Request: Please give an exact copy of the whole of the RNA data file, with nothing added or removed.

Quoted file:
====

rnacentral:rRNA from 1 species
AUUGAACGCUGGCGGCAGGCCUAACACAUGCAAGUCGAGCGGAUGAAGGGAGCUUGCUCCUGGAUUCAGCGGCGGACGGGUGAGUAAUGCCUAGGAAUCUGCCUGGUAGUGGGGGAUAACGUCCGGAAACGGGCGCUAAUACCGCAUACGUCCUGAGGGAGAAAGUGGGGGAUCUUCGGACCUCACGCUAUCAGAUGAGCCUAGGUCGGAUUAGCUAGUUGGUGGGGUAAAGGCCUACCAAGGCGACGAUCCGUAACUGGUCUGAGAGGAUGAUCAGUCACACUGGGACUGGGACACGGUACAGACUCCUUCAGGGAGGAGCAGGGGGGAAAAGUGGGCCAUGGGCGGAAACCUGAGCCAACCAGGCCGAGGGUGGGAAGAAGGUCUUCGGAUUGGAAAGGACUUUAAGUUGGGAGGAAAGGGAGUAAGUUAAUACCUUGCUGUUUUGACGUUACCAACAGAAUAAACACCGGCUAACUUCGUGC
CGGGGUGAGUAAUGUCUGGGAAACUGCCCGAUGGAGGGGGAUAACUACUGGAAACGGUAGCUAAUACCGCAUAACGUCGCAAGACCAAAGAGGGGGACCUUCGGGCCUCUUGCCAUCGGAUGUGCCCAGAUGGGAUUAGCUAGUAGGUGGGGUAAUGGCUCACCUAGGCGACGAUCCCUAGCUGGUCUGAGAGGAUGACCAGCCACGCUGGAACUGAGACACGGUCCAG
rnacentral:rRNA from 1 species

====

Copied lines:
rnacentral:rRNA from 1 species
AUUGAACGCUGGCGGCAGGCCUAACACAUGCAAGUCGAGCGGAUGAAGGGAGCUUGCUCCUGGAUUCAGCGGCGGACGGGUGAGUAAUGCCUAGGAAUCUGCCUGGUAGUGGGGGAUAACGUCCGGAAACGGGCGCUAAUACCGCAUACGUCCUGAGGGAGAAAGUGGGGGAUCUUCGGACCUCACGCUAUCAGAUGAGCCUAGGUCGGAUUAGCUAGUUGGUGGGGUAAAGGCCUACCAAGGCGACGAUCCGUAACUGGUCUGAGAGGAUGAUCAGUCACACUGGGACUGGGACACGGUACAGACUCCUUCAGGGAGGAGCAGGGGGGAAAAGUGGGCCAUGGGCGGAAACCUGAGCCAACCAGGCCGAGGGUGGGAAGAAGGUCUUCGGAUUGGAAAGGACUUUAAGUUGGGAGGAAAGGGAGUAAGUUAAUACCUUGCUGUUUUGACGUUACCAACAGAAUAAACACCGGCUAACUUCGUGC
CGGGGUGAGUAAUGUCUGGGAAACUGCCCGAUGGAGGGGGAUAACUACUGGAAACGGUAGCUAAUACCGCAUAACGUCGCAAGACCAAAGAGGGGGACCUUCGGGCCUCUUGCCAUCGGAUGUGCCCAGAUGGGAUUAGCUAGUAGGUGGGGUAAUGGCUCACCUAGGCGACGAUCCCUAGCUGGUCUGAGAGGAUGACCAGCCACGCUGGAACUGAGACACGGUCCAG
rnacentral:rRNA from 1 species